CSUF News Service
Thesis on Children's Author Wins
May 19, 2015
Amy Kremer '14 (M.A. American studies), a long-time instructor at Mt. San Antonio Community College in Walnut, is one of the recipients of the 2015 Giles T. Brown Outstanding Thesis Award for "Woods, Woods and Falcons: The Children's Nature Writing of Jean Craighead George," which analyzes work produced between 1948 and 2012.
"I grew up reading and enjoying George's books," says Kremer, "and was reintroduced to her work when my own children entered elementary school, and when I took an American studies class with Michael Steiner, I was struck by how her work provides wonderful insights into our understanding of the natural world and humanity's relationship to it."
The award, she explains, "validates the idea that we can look for clues about American culture and cultural change in seemingly unlikely places, such as children's literature."
The thesis award committee, which called Kremer's thesis "the most unambiguously original" of the nominations, also said: "Kremer showed us how they grew out of George's own personal experiences, how at the same time they can be understood as responses to shifting conceptions of gender during George's lifetime, and, finally, how they can be understood within the history of nature writing and conservationism/environmentalism during the 20th and early 21st centuries. Finally, Kremer very nicely places George's writings within the context of the history of nature writing aimed at youthful audiences by prize-winning authors."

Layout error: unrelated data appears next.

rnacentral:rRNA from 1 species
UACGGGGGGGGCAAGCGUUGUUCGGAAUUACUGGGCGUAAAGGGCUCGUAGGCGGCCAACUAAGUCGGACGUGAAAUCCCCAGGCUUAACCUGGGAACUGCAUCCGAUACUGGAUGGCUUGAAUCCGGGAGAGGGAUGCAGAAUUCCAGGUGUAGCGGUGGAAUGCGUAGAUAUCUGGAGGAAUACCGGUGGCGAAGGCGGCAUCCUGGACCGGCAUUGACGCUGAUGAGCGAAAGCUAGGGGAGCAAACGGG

The American Studies Department "is a progressive and open place. I am grateful to have learned so much from so many brilliant minds," says Kremer, who hopes that her graduate work has made her a more well-rounded instructor.
The annual award recognizes distinguished scholarly achievement at the master's level and is named after the late Giles T. Brown, associate vice president emeritus for academic programs and graduate studies, professor emeritus of history and recipient of the university's Outstanding Professor Award. This year, the award went to Kremer and to David Lin '14 (M.S. in biology) for his study of the public health problem of antibiotic-resistant infections. Lin is pursuing a doctorate in microbiology and immunology at the University of Michigan, Ann Arbor.